Sakuma H, Blake LM, Amidon TM, O'Sullivan M, Szolar DH, Furber AP et al. Coronary flow reserve: Noninvasive measurement in humans with breath-hold velocity-encoded cine MR imaging. Radiology. 1996 Mar;198(3):745-750.
Sakuma, Hajime ; Blake, Louis M. ; Amidon, Thomas M. ; O'Sullivan, Margaret ; Szolar, Dieter H. ; Furber, Alain P. ; Bernstein, Matthew A ; Foo, Thomas K F ; Higgins, Charles B. / Coronary flow reserve : Noninvasive measurement in humans with breath-hold velocity-encoded cine MR imaging. In: Radiology. 1996 ; Vol. 198, No. 3. pp. 745-750.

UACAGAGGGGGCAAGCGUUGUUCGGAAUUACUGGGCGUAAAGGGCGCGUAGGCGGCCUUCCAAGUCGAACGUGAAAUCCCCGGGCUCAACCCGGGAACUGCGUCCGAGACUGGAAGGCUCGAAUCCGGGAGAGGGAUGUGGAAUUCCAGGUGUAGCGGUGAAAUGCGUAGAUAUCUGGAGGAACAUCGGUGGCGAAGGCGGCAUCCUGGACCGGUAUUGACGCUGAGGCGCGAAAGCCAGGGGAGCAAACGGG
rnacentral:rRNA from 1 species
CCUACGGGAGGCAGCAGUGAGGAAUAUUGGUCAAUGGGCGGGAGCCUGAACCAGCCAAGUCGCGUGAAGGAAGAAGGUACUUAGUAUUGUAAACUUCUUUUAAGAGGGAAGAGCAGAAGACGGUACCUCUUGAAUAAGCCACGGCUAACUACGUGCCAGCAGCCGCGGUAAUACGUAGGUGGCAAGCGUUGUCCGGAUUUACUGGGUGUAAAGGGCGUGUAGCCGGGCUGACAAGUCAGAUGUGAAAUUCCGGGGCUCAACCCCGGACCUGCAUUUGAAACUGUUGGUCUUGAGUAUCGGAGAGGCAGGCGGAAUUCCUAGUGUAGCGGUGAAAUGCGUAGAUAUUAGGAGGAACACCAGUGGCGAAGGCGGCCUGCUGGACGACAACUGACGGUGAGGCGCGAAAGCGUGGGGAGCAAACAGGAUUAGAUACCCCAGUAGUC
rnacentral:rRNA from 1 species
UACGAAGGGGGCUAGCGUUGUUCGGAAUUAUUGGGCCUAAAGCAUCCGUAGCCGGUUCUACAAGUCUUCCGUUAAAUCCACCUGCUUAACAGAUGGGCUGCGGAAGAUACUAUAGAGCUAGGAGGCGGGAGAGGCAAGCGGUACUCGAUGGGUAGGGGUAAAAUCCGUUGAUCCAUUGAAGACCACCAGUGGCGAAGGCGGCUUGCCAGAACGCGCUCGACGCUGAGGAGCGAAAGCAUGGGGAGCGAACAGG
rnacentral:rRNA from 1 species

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abstract = "PURPOSE: To measure coronary vasodilator reserve with breath-hold velocity-encoded cine magnetic resonance (MR) imaging. MATERIALS AND METHODS: Eight healthy adult volunteers underwent 1.5-T MR imaging. Velocity-encoded cine images were acquired at seven to 13 temporal phases in 25 seconds, with k-space segmentation and view-sharing reconstruction (±1 m/sec velocity- encoding value) (repetition time msec/echo time msec = 16/9). Flow velocity in the left anterior descending (LAD) artery was measured twice before and twice after administration of dipyridamole (0.56 mg per kilogram of body weight). RESULTS: Peak diastolic coronary flow velocity in the LAD artery was 14.8 cm/sec ± 1.9 (mean ± standard deviation) in the baseline state. It increased significantly (P < .01) to 46.3 cm/sec ± 10.2 after dipyridamole administration, with an average coronary reserve of 3.14 ± 0.59. Interstudy and interobserver reproducibilities for measurement of peak diastolic velocity were, respectively, 9.5{\%} ± 1.6 and 7.0{\%} ± .2.5 in the baseline state and 6.8{\%} ± 2.2 and 3.4{\%} ± 1.5 after dipyridamole administration. CONCLUSION: Breath-hold velocity-encoded cine MR imaging provided reproducible assessment of coronary flow reserve in humans.",